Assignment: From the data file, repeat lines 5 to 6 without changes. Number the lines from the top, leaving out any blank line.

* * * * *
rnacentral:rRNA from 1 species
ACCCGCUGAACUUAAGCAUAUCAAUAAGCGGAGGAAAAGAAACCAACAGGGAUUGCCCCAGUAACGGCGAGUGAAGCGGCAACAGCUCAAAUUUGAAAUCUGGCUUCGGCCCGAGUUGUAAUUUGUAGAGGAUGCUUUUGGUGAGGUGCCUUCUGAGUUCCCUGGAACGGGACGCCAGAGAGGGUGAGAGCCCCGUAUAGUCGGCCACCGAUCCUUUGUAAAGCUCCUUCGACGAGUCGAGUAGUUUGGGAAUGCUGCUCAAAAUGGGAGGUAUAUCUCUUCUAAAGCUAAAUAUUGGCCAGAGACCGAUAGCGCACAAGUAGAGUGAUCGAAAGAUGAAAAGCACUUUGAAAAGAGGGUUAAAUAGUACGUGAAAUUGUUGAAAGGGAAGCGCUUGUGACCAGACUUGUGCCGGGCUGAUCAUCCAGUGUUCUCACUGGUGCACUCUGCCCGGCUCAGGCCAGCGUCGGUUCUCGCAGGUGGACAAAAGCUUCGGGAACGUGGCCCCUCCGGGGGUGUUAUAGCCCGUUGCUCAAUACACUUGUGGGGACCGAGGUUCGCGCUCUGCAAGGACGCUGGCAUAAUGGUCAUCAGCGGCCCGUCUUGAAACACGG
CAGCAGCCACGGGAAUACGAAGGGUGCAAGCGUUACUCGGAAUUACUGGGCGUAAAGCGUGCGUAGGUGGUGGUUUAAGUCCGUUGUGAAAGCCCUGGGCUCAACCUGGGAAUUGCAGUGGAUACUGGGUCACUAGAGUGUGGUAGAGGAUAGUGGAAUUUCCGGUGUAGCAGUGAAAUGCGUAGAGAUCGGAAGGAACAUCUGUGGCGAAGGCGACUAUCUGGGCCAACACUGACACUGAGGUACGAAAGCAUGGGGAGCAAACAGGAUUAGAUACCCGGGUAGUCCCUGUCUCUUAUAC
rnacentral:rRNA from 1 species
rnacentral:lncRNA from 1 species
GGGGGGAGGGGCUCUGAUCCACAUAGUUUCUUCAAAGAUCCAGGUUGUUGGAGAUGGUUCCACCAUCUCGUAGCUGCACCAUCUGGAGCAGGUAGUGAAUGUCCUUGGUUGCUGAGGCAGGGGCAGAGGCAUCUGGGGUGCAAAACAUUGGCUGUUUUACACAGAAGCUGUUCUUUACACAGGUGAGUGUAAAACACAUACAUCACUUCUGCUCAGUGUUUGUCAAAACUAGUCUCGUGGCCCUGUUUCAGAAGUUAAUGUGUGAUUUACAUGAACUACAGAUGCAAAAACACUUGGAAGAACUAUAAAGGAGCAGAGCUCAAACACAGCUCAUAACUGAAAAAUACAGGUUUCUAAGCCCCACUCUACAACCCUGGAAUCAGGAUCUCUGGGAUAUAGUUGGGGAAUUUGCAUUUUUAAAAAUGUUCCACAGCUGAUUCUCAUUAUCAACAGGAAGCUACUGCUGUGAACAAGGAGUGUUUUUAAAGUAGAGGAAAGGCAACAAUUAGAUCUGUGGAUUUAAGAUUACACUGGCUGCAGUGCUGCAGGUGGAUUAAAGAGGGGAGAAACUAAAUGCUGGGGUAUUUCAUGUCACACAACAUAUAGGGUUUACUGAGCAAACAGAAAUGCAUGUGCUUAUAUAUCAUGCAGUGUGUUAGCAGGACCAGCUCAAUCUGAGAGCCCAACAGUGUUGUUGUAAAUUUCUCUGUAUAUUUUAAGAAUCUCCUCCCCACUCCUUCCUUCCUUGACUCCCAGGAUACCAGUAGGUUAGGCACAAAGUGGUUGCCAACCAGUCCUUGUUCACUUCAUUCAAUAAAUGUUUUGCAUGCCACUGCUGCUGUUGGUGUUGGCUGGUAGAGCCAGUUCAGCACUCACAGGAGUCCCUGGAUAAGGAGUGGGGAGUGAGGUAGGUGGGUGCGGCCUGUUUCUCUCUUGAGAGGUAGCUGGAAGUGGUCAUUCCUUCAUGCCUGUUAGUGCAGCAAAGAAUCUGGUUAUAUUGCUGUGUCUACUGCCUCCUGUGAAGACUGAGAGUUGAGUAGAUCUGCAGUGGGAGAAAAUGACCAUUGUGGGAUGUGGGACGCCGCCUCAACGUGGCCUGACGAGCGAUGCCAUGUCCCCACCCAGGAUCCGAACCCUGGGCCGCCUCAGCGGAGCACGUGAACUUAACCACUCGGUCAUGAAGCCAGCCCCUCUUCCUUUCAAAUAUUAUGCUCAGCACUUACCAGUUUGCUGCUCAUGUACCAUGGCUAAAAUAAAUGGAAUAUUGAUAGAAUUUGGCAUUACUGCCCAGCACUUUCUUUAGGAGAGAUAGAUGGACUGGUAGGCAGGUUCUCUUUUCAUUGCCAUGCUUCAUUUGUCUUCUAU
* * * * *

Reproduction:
rnacentral:lncRNA from 1 species
GGGGGGAGGGGCUCUGAUCCACAUAGUUUCUUCAAAGAUCCAGGUUGUUGGAGAUGGUUCCACCAUCUCGUAGCUGCACCAUCUGGAGCAGGUAGUGAAUGUCCUUGGUUGCUGAGGCAGGGGCAGAGGCAUCUGGGGUGCAAAACAUUGGCUGUUUUACACAGAAGCUGUUCUUUACACAGGUGAGUGUAAAACACAUACAUCACUUCUGCUCAGUGUUUGUCAAAACUAGUCUCGUGGCCCUGUUUCAGAAGUUAAUGUGUGAUUUACAUGAACUACAGAUGCAAAAACACUUGGAAGAACUAUAAAGGAGCAGAGCUCAAACACAGCUCAUAACUGAAAAAUACAGGUUUCUAAGCCCCACUCUACAACCCUGGAAUCAGGAUCUCUGGGAUAUAGUUGGGGAAUUUGCAUUUUUAAAAAUGUUCCACAGCUGAUUCUCAUUAUCAACAGGAAGCUACUGCUGUGAACAAGGAGUGUUUUUAAAGUAGAGGAAAGGCAACAAUUAGAUCUGUGGAUUUAAGAUUACACUGGCUGCAGUGCUGCAGGUGGAUUAAAGAGGGGAGAAACUAAAUGCUGGGGUAUUUCAUGUCACACAACAUAUAGGGUUUACUGAGCAAACAGAAAUGCAUGUGCUUAUAUAUCAUGCAGUGUGUUAGCAGGACCAGCUCAAUCUGAGAGCCCAACAGUGUUGUUGUAAAUUUCUCUGUAUAUUUUAAGAAUCUCCUCCCCACUCCUUCCUUCCUUGACUCCCAGGAUACCAGUAGGUUAGGCACAAAGUGGUUGCCAACCAGUCCUUGUUCACUUCAUUCAAUAAAUGUUUUGCAUGCCACUGCUGCUGUUGGUGUUGGCUGGUAGAGCCAGUUCAGCACUCACAGGAGUCCCUGGAUAAGGAGUGGGGAGUGAGGUAGGUGGGUGCGGCCUGUUUCUCUCUUGAGAGGUAGCUGGAAGUGGUCAUUCCUUCAUGCCUGUUAGUGCAGCAAAGAAUCUGGUUAUAUUGCUGUGUCUACUGCCUCCUGUGAAGACUGAGAGUUGAGUAGAUCUGCAGUGGGAGAAAAUGACCAUUGUGGGAUGUGGGACGCCGCCUCAACGUGGCCUGACGAGCGAUGCCAUGUCCCCACCCAGGAUCCGAACCCUGGGCCGCCUCAGCGGAGCACGUGAACUUAACCACUCGGUCAUGAAGCCAGCCCCUCUUCCUUUCAAAUAUUAUGCUCAGCACUUACCAGUUUGCUGCUCAUGUACCAUGGCUAAAAUAAAUGGAAUAUUGAUAGAAUUUGGCAUUACUGCCCAGCACUUUCUUUAGGAGAGAUAGAUGGACUGGUAGGCAGGUUCUCUUUUCAUUGCCAUGCUUCAUUUGUCUUCUAU